This observational cross-sectional study was conducted in the cities of Caserta and Naples, Italy, from March until December 2014. The study design and the methodology are described in detail elsewhere [24]. Briefly, the sample was selected with a two stage sampling method. Firstly, from the list of public hospitals in the geographic area, four hospitals have been selected using a single random sampling method. In the second stage, 770 patients have been selected using a single random sampling method among outpatients with chronic conditions attending the ambulatory centers of cardiology, metabolic disorders, and respiratory of the selected hospital. Patients were eligible for the survey if they were 18 or above years of age and if they had at least one chronic disease. The patients with mental illness, cognitive impairment, or those who were unable to be interviewed have been excluded. Participants were informed that all information gathered would be anonymous and handled confidentially; no identifying information was collected. Participation was completely voluntary; written informed consent was obtained from individual respondents after a complete description of the study before the questionnaires were administered to them. Patients were free to participate or not in the survey.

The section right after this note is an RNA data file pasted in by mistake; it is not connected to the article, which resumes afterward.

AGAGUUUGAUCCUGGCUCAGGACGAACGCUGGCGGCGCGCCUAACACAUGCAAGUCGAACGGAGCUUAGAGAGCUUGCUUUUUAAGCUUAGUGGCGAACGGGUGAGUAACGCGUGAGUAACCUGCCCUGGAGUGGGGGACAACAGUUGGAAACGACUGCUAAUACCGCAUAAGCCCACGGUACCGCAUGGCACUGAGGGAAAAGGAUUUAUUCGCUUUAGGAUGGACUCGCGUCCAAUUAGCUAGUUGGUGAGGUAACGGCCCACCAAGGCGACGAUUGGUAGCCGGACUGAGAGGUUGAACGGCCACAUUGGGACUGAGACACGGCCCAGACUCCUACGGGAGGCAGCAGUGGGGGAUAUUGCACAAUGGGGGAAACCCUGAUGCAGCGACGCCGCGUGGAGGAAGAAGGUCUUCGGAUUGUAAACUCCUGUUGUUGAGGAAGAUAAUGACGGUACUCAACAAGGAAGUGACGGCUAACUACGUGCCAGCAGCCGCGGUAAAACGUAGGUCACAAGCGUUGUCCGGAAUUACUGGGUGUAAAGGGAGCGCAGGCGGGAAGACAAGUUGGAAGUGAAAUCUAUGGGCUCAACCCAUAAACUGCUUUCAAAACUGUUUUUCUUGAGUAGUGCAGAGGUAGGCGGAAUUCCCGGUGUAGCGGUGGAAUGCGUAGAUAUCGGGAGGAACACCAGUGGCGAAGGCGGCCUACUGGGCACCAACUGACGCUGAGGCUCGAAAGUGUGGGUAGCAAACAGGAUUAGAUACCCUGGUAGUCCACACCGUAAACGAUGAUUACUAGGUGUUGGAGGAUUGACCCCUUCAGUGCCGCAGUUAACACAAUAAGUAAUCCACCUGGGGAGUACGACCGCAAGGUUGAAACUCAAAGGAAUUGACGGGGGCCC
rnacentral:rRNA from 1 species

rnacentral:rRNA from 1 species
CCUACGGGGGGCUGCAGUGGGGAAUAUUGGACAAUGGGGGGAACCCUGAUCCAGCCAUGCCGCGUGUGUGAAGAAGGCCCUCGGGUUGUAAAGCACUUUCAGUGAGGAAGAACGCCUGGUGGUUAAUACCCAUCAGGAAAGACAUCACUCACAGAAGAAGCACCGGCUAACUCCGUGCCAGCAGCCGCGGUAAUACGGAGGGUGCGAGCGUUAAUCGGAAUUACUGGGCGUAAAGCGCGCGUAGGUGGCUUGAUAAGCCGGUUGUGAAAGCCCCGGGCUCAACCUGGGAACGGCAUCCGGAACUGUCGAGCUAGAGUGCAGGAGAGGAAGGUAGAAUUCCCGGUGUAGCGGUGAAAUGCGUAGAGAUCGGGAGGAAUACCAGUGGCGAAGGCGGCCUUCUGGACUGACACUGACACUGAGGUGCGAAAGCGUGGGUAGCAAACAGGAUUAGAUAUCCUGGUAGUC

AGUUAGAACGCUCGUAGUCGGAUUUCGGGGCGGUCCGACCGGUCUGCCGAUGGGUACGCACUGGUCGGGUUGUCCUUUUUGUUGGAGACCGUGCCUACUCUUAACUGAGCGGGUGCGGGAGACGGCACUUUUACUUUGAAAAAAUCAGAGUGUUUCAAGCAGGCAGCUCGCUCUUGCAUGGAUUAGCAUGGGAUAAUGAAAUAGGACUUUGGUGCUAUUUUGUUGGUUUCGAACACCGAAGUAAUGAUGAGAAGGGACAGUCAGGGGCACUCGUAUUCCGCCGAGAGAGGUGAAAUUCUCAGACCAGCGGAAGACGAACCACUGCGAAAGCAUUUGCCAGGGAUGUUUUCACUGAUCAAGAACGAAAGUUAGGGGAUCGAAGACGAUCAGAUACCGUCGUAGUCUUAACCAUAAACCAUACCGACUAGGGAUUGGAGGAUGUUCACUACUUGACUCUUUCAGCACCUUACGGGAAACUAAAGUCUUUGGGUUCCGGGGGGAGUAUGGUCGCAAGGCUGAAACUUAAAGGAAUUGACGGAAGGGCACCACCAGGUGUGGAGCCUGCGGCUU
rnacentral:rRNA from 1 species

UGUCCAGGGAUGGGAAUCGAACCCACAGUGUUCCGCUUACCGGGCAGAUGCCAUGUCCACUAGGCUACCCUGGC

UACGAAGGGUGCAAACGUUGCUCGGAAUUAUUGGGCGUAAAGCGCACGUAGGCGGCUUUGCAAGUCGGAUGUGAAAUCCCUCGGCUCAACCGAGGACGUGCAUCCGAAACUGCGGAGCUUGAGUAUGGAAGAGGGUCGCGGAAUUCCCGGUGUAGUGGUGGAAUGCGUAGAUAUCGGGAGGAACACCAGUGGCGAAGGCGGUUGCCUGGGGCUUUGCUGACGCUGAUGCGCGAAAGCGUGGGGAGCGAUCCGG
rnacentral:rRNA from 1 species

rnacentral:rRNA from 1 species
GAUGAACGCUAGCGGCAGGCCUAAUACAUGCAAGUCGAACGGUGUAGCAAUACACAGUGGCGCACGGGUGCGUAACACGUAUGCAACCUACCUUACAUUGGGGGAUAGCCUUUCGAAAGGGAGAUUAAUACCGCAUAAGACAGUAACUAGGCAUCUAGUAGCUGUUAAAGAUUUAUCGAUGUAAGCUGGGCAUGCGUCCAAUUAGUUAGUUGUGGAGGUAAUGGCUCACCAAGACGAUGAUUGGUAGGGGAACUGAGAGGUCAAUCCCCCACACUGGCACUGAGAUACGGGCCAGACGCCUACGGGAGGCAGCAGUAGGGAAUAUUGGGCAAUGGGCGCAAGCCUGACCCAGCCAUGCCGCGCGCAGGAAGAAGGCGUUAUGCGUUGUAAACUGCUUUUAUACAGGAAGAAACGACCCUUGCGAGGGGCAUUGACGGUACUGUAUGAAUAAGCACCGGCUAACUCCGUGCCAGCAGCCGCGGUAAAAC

The sample size was calculated based on an estimated rate of the population with high continuity of care of 35%, chosen as the primary endpoint, a confidence level of 95%, an accepted precision of 5%, and a design effect of two. The required sample size was estimated to be approximately of 700 patients. To allow for 90% participation rate, 770 patients were the final sample size.

The respondents underwent a face-to-face interview with a questionnaire during routine outpatient consultations. Names were not required on the questionnaires to maintain confidentiality. Respondents were interviewed before their clinic consultations using a questionnaire divided into five parts including questions sealing with: (a) socio-demographic and clinical profile characteristics (age, gender, level of education, marital status, employment status, number and type of chronic conditions (heart diseases, metabolic disorders, respiratory diseases), pre-admission performance-based measure of independence in activities of daily living using the Katz Index [25], comorbidities measured with the Charlson et al. Comorbidity Index [26]; (b) health-care services utilization in the previous twelve months (number of specialists’ and of general practitioners’ visits, hospital admissions, emergency department visits); (c) type and number of medications used; (d) medications adherence; and (e) main source of information on the use of medicines and the needs of additional information about their chronic conditions.